Yes, there is that. The President knows full well that removing the firearms industry’s legal protection against lawsuits for the criminal use of their products would destroy the industry. By arguing for “holding the firearms industry” accountable – for the children! – Mr. Obama is signaling that his anti-gun animus goes well beyond confiscating Americans’ firearms, or particular examples thereof. He wants to stop firearms production for civilians entirely. (Except for police and military, of course.)
As for “making it harder for the government’s public health experts to conduct research on gun violence,” the industry didn’t do that. Congress did. And even if you ascribe to the belief that the firearms industry control the politicians who control the CDC’s budget, the only caveat “preventing” firearms-related research is that it must not advocate gun control. It must be objective. Which is not a word I’d apply to Mr Obama’s editorial.
Ultimately, this is about all of us. We are not asked to perform the heroism of 15-year-old Zaevion Dobson from Tennessee, who was killed before Christmas while shielding his friends from gunfire. We are not asked to display the grace of the countless victims’ families who have dedicated themselves to ending this senseless violence. But we must find the courage and the will to mobilize, organize and do what a strong, sensible country does in response to a crisis like this one.
All of us need to demand leaders brave enough to stand up to the gun lobby’s lies. All of us need to stand up and protect our fellow citizens. All of us need to demand that governors, mayors and our representatives in Congress do their part.
You know we’re heading down the home stretch; the President is trying to tug on heart strings while reminding readers there’s a crisis! As he flies down the final anti-firearms furlong, the President reverts to type by identifying, personalizing and smearing the “gun lobby” as “the enemy.” The lobby that consists of American citizens who legally make, sell, buy, keep, bear and/or use firearms, protected against government infringement on their right to do so by the Second Amendment to the United States Constitution.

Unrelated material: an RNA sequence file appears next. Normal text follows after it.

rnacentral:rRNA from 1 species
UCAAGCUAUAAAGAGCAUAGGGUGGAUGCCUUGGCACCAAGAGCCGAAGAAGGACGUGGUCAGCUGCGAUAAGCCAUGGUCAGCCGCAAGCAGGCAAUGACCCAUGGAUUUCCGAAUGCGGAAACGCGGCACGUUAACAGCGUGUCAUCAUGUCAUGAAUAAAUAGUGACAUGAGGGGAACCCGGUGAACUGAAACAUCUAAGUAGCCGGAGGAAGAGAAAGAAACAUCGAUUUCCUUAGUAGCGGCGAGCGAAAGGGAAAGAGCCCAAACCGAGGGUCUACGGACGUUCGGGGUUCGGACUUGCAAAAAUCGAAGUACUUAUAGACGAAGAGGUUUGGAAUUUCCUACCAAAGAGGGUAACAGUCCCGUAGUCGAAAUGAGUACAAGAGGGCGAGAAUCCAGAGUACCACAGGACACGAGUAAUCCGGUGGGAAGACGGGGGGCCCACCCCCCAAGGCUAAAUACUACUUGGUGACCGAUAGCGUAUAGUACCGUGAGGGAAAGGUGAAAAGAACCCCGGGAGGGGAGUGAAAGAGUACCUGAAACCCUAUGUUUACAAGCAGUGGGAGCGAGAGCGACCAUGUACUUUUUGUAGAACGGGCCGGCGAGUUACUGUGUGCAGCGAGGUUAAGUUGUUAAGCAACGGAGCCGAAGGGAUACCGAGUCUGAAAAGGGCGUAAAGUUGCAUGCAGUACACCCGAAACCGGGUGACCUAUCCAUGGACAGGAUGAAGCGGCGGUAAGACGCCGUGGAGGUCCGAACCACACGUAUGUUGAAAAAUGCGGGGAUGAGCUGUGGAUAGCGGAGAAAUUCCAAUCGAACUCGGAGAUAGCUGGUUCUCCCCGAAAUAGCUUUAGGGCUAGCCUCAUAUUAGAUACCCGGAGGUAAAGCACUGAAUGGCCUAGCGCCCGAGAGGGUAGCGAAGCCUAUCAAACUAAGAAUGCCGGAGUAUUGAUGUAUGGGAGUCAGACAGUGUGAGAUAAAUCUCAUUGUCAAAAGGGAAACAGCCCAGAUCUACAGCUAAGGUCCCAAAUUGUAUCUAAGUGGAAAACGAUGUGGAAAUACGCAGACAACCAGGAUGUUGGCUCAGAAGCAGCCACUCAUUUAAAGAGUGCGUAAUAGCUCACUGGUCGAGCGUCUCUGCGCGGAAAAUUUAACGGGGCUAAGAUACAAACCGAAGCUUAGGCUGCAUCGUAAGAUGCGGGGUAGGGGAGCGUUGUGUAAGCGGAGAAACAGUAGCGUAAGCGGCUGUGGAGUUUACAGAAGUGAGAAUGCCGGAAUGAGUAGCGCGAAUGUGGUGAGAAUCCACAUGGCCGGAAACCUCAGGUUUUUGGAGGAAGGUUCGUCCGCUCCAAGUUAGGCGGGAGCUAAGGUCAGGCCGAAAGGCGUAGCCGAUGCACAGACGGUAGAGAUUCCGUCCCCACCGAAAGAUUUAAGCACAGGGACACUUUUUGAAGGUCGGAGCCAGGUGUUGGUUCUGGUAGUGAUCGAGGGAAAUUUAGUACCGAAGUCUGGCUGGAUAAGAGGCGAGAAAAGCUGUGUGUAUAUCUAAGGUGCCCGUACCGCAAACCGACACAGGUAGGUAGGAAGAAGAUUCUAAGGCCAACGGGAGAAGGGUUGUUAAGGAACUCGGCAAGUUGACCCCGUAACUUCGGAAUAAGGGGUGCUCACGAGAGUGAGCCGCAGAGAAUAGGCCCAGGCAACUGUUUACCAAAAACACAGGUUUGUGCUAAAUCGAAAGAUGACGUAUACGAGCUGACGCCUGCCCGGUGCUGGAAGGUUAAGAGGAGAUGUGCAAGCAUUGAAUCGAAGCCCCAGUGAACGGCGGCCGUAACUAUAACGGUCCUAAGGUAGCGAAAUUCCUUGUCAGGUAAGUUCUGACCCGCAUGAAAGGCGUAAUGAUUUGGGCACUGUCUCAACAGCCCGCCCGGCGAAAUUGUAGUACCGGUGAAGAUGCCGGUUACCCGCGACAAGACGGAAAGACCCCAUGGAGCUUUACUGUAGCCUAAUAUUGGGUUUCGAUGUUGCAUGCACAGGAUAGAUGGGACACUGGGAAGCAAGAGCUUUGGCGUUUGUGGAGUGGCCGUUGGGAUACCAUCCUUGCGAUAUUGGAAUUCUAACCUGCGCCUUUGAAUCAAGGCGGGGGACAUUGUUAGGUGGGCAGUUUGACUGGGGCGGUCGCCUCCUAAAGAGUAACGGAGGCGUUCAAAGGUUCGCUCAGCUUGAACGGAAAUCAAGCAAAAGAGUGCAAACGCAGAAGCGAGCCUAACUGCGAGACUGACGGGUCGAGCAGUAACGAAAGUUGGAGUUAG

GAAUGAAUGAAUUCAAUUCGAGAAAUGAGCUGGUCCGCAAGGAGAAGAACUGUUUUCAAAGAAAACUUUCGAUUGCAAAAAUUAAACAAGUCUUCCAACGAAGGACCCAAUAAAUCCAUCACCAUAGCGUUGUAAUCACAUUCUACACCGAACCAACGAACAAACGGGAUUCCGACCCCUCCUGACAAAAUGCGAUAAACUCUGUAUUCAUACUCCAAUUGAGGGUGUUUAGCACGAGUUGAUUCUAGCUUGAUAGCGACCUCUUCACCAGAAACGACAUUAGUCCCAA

As I’ve pointed out before, this president is incapable of unifying Americans who hold disparate views. If Ronald Reagan was “The Great Communicator” President Obama is “The Great Divider.” He sees no value in the “gun lobby” (created by Americans for Americans) — except as the target of condescending derision and scorn. Not to put too fine a point on it, he wants to destroy “the gun lobby” and all that it stands for (i.e.. life, liberty and the pursuit of happiness).
Change will be hard. It won’t happen overnight. But securing a woman’s right to vote didn’t happen overnight. The liberation of African-Americans didn’t happen overnight. Advancing the rights of lesbian, gay, bisexual and transgender Americans has taken decades’ worth of work.
Those moments represent American democracy, and the American people, at our best. Meeting this crisis of gun violence will require the same relentless focus, over many years, at every level. If we can meet this moment with that same audacity, we will achieve the change we seek. And we will leave a stronger, safer country to our children.
The President is asking New York Times readers to place the campaign to degrade and destroy Americans’ their natural, civil and Constitutionally protected right to keep and bear arms on the same moral high ground as the campaign to ensure the Constitutional rights of women and African-Americans. Only in the Orwellian mind of Progressives – where tyranny is liberty and rights denied are rights protected – would such an idea find fertile soil.
The President’s evocation of “American democracy” in the final paragraph of his polemic is equally warped and misleading. Lest we forget — as the former “Constitutional scholar” seems to have done — the right to keep and bear arms is a Constitutional right. As such it is not subject to the democratic process (a.k.a., mob rule). The President’s contention that democratically enacted gun control will leave America a stronger, safer country reveals that no words are safe from the deprivation of intentional distortion.
One more thing: the President’s call for anti-gun audacity — for the children! — is the most audacious part of this otherwise by-the-numbers anti-gun rights screed. The President’s executive orders were timid at best. Thank God for that but — I wish the President and gun control advocates would come out and tell the truth about their civilian disarmament agenda. It would make for a far a more entertaining – and enlightening – editorial.